Engineering and characterization of gymnosperm sapwood toward enabling the design of water filtration devices

Nat Commun. 2021 Mar 25;12(1):1871. doi: 10.1038/s41467-021-22055-w.


Naturally-occurring membranes in the xylem tissue of gymnosperm sapwood enable its use as an abundantly-available material to construct filters, with potential to facilitate access to safe drinking water in resource-constrained settings. However, the material's behavior as a filter is poorly understood, and challenges such as short shelf life have not been addressed. Here, we characterize the operational attributes of xylem filters and show that the material exhibits a highly non-linear dependence of flow resistance on thickness upon drying, and a tendency for self-blocking. We develop guidelines for the design and fabrication of xylem filters, demonstrate gravity-operated filters with shelf life >2 years, and show that the filters can provide >3 log removal of E. coli, MS-2 phage, and rotavirus from synthetic test waters and coliform bacteria from contaminated spring, tap, and ground waters. Through interviews and workshops in India, we use a user-centric approach to design a prototype filtration device with daily- to weekly-replaceable xylem filters, and uncover indicators of social acceptance of xylem as a natural water filter. Our work enhances the understanding of xylem as a filtration material, and opens opportunities for engineering a diverse range of low-cost, biodegradable xylem-based filtration products on a global scale.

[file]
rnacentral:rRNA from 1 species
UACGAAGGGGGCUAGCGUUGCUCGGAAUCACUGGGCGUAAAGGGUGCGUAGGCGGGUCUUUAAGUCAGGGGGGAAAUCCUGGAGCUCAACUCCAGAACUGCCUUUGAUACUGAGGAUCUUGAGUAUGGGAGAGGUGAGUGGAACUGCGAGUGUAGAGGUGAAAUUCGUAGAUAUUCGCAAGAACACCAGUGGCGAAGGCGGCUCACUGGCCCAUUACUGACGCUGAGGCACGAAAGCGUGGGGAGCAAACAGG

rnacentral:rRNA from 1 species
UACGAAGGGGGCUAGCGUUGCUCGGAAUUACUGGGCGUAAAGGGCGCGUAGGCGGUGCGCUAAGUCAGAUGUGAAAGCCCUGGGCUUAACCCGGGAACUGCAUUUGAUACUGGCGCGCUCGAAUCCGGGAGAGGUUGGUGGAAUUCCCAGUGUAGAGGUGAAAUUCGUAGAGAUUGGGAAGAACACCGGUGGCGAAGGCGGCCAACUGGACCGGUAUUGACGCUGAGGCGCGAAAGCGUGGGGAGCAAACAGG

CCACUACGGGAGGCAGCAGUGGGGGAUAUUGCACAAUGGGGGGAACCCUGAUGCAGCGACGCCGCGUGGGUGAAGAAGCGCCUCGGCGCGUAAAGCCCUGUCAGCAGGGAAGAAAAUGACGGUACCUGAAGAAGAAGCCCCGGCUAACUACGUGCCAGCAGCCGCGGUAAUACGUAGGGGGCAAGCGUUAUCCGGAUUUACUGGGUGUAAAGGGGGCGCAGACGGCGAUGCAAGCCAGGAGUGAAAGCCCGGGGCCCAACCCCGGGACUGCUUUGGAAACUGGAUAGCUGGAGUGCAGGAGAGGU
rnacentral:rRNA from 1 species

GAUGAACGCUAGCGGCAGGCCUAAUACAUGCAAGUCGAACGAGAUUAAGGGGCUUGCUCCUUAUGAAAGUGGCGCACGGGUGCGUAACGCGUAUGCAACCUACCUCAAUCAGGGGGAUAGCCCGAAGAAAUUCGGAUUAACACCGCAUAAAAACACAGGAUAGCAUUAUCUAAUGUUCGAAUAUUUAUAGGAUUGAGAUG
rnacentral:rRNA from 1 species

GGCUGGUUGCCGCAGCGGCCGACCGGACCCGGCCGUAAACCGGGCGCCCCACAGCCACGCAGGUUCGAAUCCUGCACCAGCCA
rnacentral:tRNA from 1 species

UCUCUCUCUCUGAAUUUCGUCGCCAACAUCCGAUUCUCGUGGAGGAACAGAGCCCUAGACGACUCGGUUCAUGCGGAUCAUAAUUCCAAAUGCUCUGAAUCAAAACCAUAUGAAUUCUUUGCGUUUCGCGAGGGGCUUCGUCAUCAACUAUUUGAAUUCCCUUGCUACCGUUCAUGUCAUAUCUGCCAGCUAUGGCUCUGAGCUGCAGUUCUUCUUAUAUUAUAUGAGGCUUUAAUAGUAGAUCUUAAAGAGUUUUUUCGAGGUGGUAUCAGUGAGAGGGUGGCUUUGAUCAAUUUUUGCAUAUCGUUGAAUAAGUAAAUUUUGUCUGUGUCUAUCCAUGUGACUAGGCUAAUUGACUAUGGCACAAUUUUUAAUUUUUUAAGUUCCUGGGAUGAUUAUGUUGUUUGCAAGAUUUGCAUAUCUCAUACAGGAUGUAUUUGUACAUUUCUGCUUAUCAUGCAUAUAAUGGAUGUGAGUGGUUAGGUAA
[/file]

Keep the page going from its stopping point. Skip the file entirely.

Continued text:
Publication types

  • Research Support, Non-U.S. Gov't
  • Research Support, U.S. Gov't, Non-P.H.S.

MeSH terms

  • Bacteriophages / isolation & purification
  • Cedrus / physiology*
  • Drinking Water / analysis
  • Escherichia coli / isolation & purification
  • Filtration / instrumentation
  • Filtration / methods*
  • Ginkgo biloba / physiology*
  • Humans
  • Pinus / physiology*
  • Rotavirus / isolation & purification
  • Water Purification / instrumentation
  • Water Purification / methods*
  • Xylem / physiology


  • Drinking Water